A new project aimed at boosting the employability of young people with disabilities in Fife has been launched in Kirkcaldy.
The scheme, which will start later this year, will support young people with learning difficulties, disabilities and autism, with the aim of building their confidence and empowering them to make positive changes in their local community.
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Led by the Co-operative College and delivered in partnership with charity ENABLE Scotland, the project will be based at ENABLE Scotland’s Fife office in John Smith Business Park, and will take positive steps towards ensuring that all the young people taking part are given the opportunity to reach their full potential.
The Co-operative (Ad)venture scheme, funded by the PL Trust, will provide all participants with employability skills and valuable work experience.
The project aims to break down a number of barriers to employment for people with learning difficulties, disabilities and autism. These barriers include:
A lack of understanding from employers and individuals themselves as to what people with a learning disability can do with the right support; a lack of good quality support to get and maintain employment and the attitudes of employers.
Across Scotland, it is estimated that the employment rate for adults with a learning disability is 5.3 per cent, which is well below the overall national employment rate of around 75 per cent.
According to the Scottish Government, disabled people experience lower rates of employment and lower pay than non-disabled people.
A spokesperson at PLTrust said: “The Trust is delighted to be able to support the Co-operative (Ad)venture project.
“It is an innovative and valuable project that will enhance all of the lives of the young people involved and enable them to develop skills that wouldn’t otherwise be available.”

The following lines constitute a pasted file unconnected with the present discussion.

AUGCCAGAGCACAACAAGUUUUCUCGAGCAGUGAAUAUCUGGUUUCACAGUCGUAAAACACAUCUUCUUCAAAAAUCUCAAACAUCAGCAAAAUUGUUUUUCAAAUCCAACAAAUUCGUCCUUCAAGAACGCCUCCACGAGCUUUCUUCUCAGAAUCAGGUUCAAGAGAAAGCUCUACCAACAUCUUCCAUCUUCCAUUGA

Simon Parkinson, chief executive and principal of the Co-operative College, said: “This adds another project to our growing portfolio of work to empower young people and inspire the next generation of co-operators.
“For too long, those with learning difficulties, disabilities and autism have been overlooked by employers.”
Jamie Rutherford, director of employment at ENABLE Works said: “We know that very few people with a learning disability in Scotland are in employment.
“We also know that young people with additional support needs leaving school are twice as likely to be unemployed and low skilled.
“Therefore this project will offer a unique opportunity for young people with learning disabilities to engage with local co-operatives and the communities they live in to improve their skills and their chances of gaining employment.”
The young people taking part will set up their own ‘co-operative’ to take action to tackle problems they collectively identify in their local community.
Through this activity, all those involved will gain confidence and skills to take into their working life.